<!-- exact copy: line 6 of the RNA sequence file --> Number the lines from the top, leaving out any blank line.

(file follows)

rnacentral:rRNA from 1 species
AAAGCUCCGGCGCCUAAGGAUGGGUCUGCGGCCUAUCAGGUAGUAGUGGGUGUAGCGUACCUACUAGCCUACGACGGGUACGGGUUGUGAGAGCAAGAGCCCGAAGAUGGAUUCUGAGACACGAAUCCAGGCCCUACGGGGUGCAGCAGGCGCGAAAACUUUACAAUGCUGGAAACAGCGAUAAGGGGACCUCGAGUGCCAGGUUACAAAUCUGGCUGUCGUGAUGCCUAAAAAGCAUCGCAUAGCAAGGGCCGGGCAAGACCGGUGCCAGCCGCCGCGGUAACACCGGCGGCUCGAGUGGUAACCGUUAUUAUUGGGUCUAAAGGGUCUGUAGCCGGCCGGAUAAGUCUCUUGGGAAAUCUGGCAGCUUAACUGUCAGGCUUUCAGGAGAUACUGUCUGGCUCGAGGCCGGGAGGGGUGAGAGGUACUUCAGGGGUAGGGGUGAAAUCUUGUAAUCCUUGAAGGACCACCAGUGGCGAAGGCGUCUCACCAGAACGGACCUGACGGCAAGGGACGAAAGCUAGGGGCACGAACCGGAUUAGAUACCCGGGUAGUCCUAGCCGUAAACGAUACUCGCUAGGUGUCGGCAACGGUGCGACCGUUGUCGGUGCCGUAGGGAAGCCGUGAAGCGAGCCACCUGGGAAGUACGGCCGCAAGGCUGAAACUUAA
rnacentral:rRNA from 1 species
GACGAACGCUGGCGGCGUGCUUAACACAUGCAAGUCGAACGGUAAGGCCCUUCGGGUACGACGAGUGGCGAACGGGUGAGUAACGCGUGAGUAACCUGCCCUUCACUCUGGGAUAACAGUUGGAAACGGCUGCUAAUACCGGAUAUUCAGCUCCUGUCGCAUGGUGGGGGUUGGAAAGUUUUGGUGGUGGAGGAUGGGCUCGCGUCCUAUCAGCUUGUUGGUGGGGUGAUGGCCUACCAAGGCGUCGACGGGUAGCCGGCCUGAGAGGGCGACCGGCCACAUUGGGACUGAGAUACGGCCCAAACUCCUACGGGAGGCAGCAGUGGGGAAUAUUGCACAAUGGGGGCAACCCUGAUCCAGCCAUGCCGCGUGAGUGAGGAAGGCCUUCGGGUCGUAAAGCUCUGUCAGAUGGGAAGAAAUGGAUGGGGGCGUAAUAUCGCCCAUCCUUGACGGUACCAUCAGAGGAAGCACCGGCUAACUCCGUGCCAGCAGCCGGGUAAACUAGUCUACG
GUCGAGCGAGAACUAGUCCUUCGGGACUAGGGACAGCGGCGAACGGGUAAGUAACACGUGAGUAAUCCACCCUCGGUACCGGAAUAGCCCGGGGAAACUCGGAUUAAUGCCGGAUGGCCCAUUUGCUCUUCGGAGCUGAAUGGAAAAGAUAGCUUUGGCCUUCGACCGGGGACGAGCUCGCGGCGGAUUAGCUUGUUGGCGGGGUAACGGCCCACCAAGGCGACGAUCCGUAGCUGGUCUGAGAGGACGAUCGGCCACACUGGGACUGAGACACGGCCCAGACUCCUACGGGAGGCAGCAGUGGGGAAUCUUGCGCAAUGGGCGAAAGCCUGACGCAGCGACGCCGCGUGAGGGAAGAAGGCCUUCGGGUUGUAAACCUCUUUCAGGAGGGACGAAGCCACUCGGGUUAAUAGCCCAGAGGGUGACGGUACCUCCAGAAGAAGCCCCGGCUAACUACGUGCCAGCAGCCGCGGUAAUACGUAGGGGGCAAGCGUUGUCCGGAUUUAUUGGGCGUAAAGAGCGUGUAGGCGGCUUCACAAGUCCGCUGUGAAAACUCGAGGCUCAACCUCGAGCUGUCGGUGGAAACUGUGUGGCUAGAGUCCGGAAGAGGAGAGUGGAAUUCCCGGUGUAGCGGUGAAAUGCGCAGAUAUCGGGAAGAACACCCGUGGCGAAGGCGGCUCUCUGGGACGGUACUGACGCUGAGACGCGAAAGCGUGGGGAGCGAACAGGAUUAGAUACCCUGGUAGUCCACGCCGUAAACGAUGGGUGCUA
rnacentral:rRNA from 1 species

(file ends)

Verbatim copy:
rnacentral:rRNA from 1 species